Toggle My BrainyQuote
Quote of the Day
We need to save the Arctic not because of the polar bears, and not because it is the most beautiful place in the world, but because our very survival depends upon it.
Lewis Gordon Pugh
For humans, the Arctic is a harshly inhospitable place, but the conditions there are precisely what polar bears require to survive - and thrive. 'Harsh' to us is 'home' for them. Take away the ice and snow, increase the temperature by even a little, and the realm that makes their lives possible literally melts away.
We have a moral responsibility to save wild places like the arctic refuge for future generations, and that is why our country has remained committed to its protection for nearly 50 years.
If you ask me who the members of the Rolling Stones or Led Zep or the Clash were, I'd be able to tell you every member. But I couldn't name a single member of Arctic Monkeys.
Remember, the Arctic didn't have any ice. And the Northwest Passage was wide open. They were raising grapes in Scotland for God sakes, had a huge winery. Iceland was a farming community. As some of the glaciers retreated they found villages that were covered with ice.
I believe Ronald Reagan can make this country what it once was... a large Arctic region covered with ice.
The most important thing for people to know about the governance of the Arctic is that we have a chance now to act to maintain the integrity of the system or to lose it. To lose it means that we will dismember the vital systems that make the Arctic work. It's not just a cost to the people who live there. It's a cost to all people everywhere.
We're constantly re-evaluating the potential for life. We're finding it where we didn't think it could exist, such as volcanic vents and other extreme conditions like under arctic ice. We're finding life in these incredibly harsh and dynamic conditions, so we're having to re-evaluate our own ideas of what's possible on this planet alone.
This journey is not over. Our education initiatives have so much momentum, and we're committed to sharing even more stories from the Arctic when we return.
Like the canary in the coal mine, the climate changes already evident in the Arctic are a call to action.
The fact that the Arctic, more than any other populated region of the world, requires the collaboration of so many disciplines and points of view to be understood at all, is a benefit rather than a burden.
The Arctic National Wildlife Refuge is a unique and biologically special place that should be preserved.
I believe that Ronald Reagan will someday make this country what it once was... an arctic wilderness.
Humans are an infant species, a mere 150,000 years old. But, armed with a massive brain, we've not only survived, we've used our wits to adapt to and flourish in habitats as varied as deserts, Arctic tundra, tropical rainforests, wetlands and high mountain ranges.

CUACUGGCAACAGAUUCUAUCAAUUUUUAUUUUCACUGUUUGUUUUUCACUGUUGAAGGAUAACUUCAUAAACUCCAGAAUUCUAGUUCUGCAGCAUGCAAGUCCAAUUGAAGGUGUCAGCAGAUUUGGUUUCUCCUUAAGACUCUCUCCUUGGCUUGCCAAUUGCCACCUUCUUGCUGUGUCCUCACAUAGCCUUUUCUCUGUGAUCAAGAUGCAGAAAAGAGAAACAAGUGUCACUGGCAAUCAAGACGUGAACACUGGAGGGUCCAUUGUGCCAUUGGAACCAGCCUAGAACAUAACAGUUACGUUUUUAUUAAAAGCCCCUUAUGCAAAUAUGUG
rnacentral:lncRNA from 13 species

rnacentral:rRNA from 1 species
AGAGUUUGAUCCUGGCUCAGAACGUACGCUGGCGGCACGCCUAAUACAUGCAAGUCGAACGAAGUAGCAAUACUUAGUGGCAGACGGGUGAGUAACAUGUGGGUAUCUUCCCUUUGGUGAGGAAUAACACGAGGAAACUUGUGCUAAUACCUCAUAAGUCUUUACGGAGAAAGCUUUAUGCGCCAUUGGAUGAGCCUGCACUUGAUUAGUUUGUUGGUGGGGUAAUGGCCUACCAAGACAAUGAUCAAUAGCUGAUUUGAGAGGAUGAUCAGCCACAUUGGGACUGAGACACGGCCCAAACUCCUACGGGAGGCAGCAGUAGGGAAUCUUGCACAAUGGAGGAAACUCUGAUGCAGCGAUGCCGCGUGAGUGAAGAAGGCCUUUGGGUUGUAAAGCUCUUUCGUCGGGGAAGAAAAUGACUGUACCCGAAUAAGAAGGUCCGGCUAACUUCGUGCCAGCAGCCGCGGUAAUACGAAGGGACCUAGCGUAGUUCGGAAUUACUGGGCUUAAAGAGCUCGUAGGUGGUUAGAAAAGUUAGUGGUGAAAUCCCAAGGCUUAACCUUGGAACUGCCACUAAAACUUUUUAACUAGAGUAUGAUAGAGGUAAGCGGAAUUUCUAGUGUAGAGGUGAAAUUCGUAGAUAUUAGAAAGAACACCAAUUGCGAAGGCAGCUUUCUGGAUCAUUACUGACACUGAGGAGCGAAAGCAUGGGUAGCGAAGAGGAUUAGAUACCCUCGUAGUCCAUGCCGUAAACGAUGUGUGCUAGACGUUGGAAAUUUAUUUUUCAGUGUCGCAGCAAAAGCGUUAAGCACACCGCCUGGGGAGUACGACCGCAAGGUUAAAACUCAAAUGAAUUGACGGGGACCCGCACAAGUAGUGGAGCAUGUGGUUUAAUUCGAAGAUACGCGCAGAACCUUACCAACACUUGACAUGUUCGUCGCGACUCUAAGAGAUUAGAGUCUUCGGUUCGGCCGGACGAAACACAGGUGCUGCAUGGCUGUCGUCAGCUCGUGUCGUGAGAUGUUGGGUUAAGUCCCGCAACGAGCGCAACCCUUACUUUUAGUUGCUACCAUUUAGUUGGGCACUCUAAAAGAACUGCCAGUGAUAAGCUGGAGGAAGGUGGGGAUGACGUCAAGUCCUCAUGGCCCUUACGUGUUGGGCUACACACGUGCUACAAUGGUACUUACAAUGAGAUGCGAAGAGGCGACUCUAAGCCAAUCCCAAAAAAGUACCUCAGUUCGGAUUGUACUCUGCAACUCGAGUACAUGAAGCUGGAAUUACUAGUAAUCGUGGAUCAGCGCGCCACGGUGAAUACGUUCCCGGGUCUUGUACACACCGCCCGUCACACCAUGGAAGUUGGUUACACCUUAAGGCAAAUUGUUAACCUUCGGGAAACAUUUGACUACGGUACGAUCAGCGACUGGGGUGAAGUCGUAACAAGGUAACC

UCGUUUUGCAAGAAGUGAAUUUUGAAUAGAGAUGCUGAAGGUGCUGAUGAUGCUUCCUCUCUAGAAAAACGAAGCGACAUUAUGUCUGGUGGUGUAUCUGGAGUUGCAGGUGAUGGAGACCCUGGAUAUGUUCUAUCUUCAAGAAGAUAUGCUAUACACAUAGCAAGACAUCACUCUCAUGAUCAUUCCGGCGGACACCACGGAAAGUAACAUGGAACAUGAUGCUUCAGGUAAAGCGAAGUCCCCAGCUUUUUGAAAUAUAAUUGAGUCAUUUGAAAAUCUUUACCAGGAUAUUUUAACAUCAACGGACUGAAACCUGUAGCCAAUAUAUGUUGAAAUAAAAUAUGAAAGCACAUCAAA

The Arctic is an ocean. The southern pole is a continent surrounded by ocean. The North Pole is an ocean, or northern waters. It's an ocean surrounded by land, basically.
In the Arctic, things are already getting freaky. Temperatures have warmed three times faster than the global average.
The undisturbed coastal plain is home to a wide variety of plants and animals and is the only wilderness sanctuary in North America that protects a complete range of the arctic ecosystem.
I dream of diving in two places where I have not been yet. One is Antarctica, because of its crystal clear waters and amazing fauna, in addition to the ice cathedrals. The other is the Arctic, where I'd like to see the northernmost kelp forests.
If we drill the hell out of everything, including protected public lands and fragile regions like the Arctic National Wildlife Refuge, America can emerge as an 'energy superpower.'
Many climate scientists say their biggest fear is that warming could melt the Arctic permafrost - which stretches for thousands of miles across Alaska, Canada, and Siberia.
For example, the Prime Minister earlier this year talked about the importance of the Arctic to our future. He's right. A hundred years from now, the strength of Canada is going to be coming from our resources in the Arctic.
I cannot in good conscience vote for final passage of legislation that would pave the way to open the Arctic National Wildlife Refuge to oil drilling.
The more we heat up the planet, the more it costs all of us, not just in money, but in colossal famines, displacements, deaths, and species extinctions, as well as in the loss of some of the things that make this planet a blue-green jewel, including its specialized habitats from the melting Arctic to bleaching coral reefs.
Opening the Arctic National Wildlife Refuge stands to not only increase the United States' oil reserves by nearly 50 percent, but it will create thousands of good U.S. jobs.
The prediction that glaciers will be gone from Glacier National Park has been moved up by 10 years to 2020, the same year it's predicted the Arctic Sea will be ice-free in the summer.
Martin Luther King, Jr.
Image of the Moment
Get Social with BrainyQuote
Follow BrainyQuote on Facebook, Twitter and Google+ to share inspiring quotes with friends.
Join us on
Follow us on
Follow us on
Start your quote collection
Save your favorite quotes and create amazing collections.
Sign up, it's free!
Quote of the Day
BQ on Facebook
BQ on Twitter
BQ on Pinterest
BQ on Google+
BQ on Instagram
Quote Of The Day Feeds
Quote of the Day Email
© 2001 - 2015 BrainyQuote